“I’m an Evangelist” he says as he approaches your bed. “May I speak to you about Faith, Faith brings healing . . .”
I look at you and I ask if you want to listen, and you nod your head. The man proceeds to look at me, and then averts his attention to you as he fills you in about Jesus and the cross and something to do with illness.
You listen with intent, adjust your hearing aid and listen some more. He speaks of how faith can cure illness. I wonder how is it possible that a hospital can allow religious people to enter wards and approach those who are ill with an unrealistic hope of getting “better”. Surely some may not even be in a position to protest and indicate that they do not want to listen?
You however, my dear father, you were eager to listen because I know that even though you are a man of great faith and belief, your faith and belief is not attached to this life. Your faith and belief is in the knowledge that you’ve lived, continues to live, a life of integrity and honesty. You believe in humanity and that there is greatness in each one of us. This is where you find God, you find him in the actions of others.
This stranger, now standing next to your bed, turns to me and asks, “Do you believe in the cross” – I have no idea what he is referring to, and I respond, “No”. He nods and continues to speak to you dad. I know that there is no need for me to pretend in your presence because I’ve always been very open to you when it comes to my spirituality and that I am not one to dwell on the teaching of any specific religion or denomination. You know my thoughts and you understand that my spirituality cannot be measured in the manner of mere mortal beings as they cling to prescriptive words . . .
I listened to you the other day when you spoke to someone, and they mentioned something about life. Your response was encouraging and it empowered me. You said that whether you continue to live in your present body or in the spirit, you are at peace with the knowledge that you will continue to live in spirit even after your body gives in.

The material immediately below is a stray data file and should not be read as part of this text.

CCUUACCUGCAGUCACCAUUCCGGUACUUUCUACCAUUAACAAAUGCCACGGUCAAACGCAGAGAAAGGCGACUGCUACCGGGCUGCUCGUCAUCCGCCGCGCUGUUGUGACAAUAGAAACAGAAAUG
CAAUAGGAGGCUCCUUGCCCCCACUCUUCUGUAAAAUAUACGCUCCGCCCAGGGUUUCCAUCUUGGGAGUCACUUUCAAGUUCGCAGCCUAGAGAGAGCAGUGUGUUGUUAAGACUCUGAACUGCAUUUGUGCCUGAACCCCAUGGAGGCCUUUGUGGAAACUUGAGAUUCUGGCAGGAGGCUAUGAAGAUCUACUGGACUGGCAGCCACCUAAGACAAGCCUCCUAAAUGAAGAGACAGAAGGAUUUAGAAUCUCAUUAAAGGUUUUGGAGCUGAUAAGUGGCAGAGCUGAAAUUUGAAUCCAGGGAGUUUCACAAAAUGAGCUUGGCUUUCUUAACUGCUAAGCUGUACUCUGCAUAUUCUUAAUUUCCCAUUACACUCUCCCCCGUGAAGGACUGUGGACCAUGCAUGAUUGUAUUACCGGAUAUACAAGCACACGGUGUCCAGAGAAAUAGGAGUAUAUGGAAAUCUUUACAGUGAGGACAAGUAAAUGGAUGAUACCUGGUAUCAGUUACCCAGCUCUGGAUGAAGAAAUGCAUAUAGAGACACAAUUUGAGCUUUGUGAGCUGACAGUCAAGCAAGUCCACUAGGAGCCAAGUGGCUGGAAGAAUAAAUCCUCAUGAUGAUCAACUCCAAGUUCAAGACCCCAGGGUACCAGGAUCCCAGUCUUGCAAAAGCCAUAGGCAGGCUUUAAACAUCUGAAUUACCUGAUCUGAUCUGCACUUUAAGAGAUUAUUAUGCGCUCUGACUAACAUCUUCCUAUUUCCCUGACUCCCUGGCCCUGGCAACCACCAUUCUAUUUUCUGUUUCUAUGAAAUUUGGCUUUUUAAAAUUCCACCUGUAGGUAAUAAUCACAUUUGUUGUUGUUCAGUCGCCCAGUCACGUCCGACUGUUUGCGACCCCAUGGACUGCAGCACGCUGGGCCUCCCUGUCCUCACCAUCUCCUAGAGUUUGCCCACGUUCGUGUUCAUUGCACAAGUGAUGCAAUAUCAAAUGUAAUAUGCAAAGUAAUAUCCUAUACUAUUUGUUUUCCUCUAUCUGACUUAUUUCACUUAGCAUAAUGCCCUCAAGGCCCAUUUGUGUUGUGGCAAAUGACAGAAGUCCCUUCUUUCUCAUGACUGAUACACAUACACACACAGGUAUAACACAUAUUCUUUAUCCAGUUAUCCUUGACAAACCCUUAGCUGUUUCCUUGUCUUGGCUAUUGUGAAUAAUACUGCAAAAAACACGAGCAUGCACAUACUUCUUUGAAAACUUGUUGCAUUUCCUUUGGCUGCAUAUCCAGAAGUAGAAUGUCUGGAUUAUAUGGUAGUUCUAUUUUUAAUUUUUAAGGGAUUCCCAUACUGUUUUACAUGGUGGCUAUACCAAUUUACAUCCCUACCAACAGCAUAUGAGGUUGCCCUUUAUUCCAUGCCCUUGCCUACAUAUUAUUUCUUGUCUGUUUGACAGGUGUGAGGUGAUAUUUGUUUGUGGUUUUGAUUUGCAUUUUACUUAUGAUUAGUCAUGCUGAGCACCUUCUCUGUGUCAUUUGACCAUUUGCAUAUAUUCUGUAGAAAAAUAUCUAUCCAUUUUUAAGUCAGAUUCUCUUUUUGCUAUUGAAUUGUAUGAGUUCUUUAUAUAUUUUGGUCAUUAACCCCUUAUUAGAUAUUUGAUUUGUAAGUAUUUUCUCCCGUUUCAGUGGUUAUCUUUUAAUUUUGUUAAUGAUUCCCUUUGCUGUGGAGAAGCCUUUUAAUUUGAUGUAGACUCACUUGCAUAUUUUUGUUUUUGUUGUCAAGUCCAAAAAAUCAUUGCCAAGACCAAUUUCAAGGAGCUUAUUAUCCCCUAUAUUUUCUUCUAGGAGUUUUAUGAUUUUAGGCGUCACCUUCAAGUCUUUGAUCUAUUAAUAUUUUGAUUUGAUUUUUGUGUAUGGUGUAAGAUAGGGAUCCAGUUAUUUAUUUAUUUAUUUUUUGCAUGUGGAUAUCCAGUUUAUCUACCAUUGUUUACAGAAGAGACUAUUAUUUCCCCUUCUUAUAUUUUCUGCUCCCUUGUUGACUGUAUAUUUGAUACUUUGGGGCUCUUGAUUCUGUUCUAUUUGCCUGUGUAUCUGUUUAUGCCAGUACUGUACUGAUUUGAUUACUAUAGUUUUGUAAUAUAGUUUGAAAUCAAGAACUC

You did the same thing today – this man asked you if he could pray for you, and what you were suffering from. Your response was beautiful! “The name of my illness is one given by man, it is irrelevant when speaking about my spirituality and faith, because healing does not require a name.”
I may have seemed distant while sitting next to your bed as this man prayed – goodness I don’t even know what he said during his very short prayer – you asked that he keep it short. And even though this is not my “thing” – I am grateful for the few minutes that he shared with you, speaking to you about God and Jesus and the cross, because these are the kind of conversations that you may yearn for, and this is the one thing that I cannot give to you. The bible has always remained a foreign concept to me.
Thank you for allowing me the space to explore my own belief systems and my own spirituality and for not trying to enforce yours on me. This dear dad, this is one of the many great lessons that you’ve taught me – that it is okay to not be the same.
Your final lesson to me on 27 May 2017.
You were set free at 05:30 – 28/05/2017 – forever in my heart . . .
My father was diagnosed, unexpectedly, with stage 4 pancreatic cancer on 16th May 2017. He died 12 days later, there was no battle, only dignified acceptance.
12 Days Later . . . Pancreatic Cancer
Finding My Voice, A Father’s Love
The Slow Death of Relationships
6 thoughts on “A Final Lesson From My Dad”
Your father, indeed, was a wise man. My love to you and your family, Chevone. ❤
Our thoughts and prayers are with you and your family.
You bring back memories for me.
Thoughts are with you.
So sorry for your loss Chevonne. I am glad that he left this special moment with you though.
Please accept my sincere condolences on your dad’s passing. My prayers are with you and yours.
Shells, Kevin, Diana, Heather and Mma – thank you all for your kind words of comfort and strength.